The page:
High demand for dried tropical fruits in EU - But SMEs capacity issues threaten supply

A project has been launched to turn Ghana’s post harvest losses in the fruit industry into a major cash inflow for the state through jobs in the value chain and foreign exchange from exports.


Despite holding a huge potential, Ghana is unable to compete favourably among its peers on the international dry fruit market due to a combination of factors, a recent study has found.

These factors include challenges to meet minimum required volumes for exports, uneasy access to finance, inability for businesses to invest and grow, issues with meeting EU buyer requirements, and the difficulty for local SMEs to compete with multinationals.

The obstacles have subsequently resulted in marginal growth and low contribution to national output. To help reverse the trend, various institutions and stakeholders have come out with a number of initiatives that are aimed at inspiring farmers and businesses along the value chain to capitalise on the opportunities presented by the market.

One of those initiatives is the launch of the Centre for the Promotion of Imports from Developing Countries (CBI) Ghana Dried Fruits Project in Accra.


As an agency of the Netherlands Ministry of Foreign Affairs, CBI works towards sustainable sectors in developing countries and upcoming markets by supporting SMEs to grow their exports.

At the launch of the project, the Manager of the CBI Programme, Afke van der Woude, stated that the CBI would support Ghana's dried fruits sector towards becoming more productive and sustainable in the next four years.

He said the goal was to grow dried fruits exports from Ghana to the European Union market, and to create job opportunities for youth in the sector. “CBI will be coaching a group of front-runner SMEs in improving the production of dried fruits, meeting EU market standards, and by introducing them to international buyers and importers,” she said.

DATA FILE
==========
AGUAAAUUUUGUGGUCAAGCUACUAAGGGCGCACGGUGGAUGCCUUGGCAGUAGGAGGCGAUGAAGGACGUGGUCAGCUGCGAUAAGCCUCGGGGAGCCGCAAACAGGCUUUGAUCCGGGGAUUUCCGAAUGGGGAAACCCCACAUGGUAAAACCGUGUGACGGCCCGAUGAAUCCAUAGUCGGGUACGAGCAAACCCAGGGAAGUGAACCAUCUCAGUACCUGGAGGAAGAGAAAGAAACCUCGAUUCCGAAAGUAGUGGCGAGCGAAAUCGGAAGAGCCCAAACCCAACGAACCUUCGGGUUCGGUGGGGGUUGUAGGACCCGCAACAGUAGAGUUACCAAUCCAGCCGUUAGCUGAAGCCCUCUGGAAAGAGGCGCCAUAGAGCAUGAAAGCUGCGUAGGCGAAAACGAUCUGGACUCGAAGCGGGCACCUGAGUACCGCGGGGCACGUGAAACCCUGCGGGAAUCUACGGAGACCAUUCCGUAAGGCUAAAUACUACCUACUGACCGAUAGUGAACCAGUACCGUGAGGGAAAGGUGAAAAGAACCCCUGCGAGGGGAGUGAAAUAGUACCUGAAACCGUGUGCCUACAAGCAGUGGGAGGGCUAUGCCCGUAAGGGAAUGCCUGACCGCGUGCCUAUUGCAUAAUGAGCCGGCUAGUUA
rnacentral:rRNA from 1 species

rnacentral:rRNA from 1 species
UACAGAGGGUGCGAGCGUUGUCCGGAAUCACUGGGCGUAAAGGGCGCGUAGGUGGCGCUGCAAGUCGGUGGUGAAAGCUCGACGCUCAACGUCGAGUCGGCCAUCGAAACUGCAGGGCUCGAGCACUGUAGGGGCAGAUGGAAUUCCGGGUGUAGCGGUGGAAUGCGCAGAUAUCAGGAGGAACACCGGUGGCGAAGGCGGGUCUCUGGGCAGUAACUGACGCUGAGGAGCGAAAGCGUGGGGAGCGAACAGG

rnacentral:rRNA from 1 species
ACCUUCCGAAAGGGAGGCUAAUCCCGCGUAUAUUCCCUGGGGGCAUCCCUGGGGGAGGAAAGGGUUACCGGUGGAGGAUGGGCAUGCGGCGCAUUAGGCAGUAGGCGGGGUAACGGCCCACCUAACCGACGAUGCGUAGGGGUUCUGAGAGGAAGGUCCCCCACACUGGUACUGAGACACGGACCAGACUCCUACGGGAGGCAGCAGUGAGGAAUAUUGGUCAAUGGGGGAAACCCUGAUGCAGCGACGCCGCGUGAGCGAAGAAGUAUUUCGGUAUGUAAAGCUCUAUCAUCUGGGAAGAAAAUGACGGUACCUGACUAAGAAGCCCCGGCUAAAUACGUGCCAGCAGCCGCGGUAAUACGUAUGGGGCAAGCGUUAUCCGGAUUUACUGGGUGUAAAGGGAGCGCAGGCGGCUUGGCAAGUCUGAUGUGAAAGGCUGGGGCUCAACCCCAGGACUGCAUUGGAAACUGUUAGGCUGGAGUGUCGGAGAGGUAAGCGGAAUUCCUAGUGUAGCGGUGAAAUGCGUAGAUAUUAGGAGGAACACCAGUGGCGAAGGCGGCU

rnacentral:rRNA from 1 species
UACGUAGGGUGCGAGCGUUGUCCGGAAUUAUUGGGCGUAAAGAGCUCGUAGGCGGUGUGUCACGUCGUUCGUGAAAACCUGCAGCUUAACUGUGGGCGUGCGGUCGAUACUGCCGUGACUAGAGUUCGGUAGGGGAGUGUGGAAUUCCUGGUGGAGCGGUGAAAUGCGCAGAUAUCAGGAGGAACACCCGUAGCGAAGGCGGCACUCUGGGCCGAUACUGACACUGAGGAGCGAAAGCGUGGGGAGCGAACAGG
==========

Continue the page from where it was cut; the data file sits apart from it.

“Also, companies which are interested in starting fruit processing will be provided with information and advice. Moreover, CBI wants to address the challenges the sector is facing in Ghana, such as supply chain inefficiencies, issues with raw material inputs and gaps in skills and technology,” she added.

As a result, she said, solutions would be sought in the local market to create job opportunities for Ghanaian youth in the sector, while CBI would work with educational institutions to forge linkages between recent graduates and companies in the sector.

CBI will be partnering with the Ghana Export Promotion Authority (GEPA) on this project.

Netherland’s commitment

The Head of Economic Department at the Embassy of the Kingdom of the Netherlands in Ghana, Bram van Opijnen, said the Netherlands government was committed to support Ghana to develop its dried tropical fruit industry to become a major foreign exchange earner.

He said the focus of the Netherlands was to help build long term relationships between Ghanaian firms and their international counterparts in an attempt to create sustainable jobs in the country.

“It is for this reason that launching the CBI Programme in Ghana today was very important because the project would help support and strengthen the relationship between Ghanaian and Dutch manufacturers,” he said.

He added that the CBI project was part of a larger endeavor of the Netherlands in Ghana to support growth and create job opportunities for youth in the horticulture sector.

GEPA’s support

The Chief Executive Officer (CEO) of the Ghana Export Promotion Authority (GEPA), Dr Afua Asabea Asare, commended CBI for launching its operations in Ghana to help support the tropical fruits industry.

She said GEPA was ready to provide the needed support for the CBI project to be successful. She explained that the CBI project was a welcomed opportunity to deal with the challenges of post-harvest losses affecting farmers in the country.

Post-harvest losses

A representative of Ghana Dried Fruit Sector, Samuel Nii Quarcoo, who expressed excitement about the CBI Ghana Dried Fruits Project Launch, said farmers in the country were still grappling with the phenomenon of post-harvest losses.

However, he said, the surest method to reduce post-harvest losses was through drying of the produce for the market. “Until recently, dried fruit for exports have been the preserve of just a few players in the industry but in the quest to take advantage of the $6.5 billion market many stakeholders have made an entry into the dried tropical fruit business,” he added.

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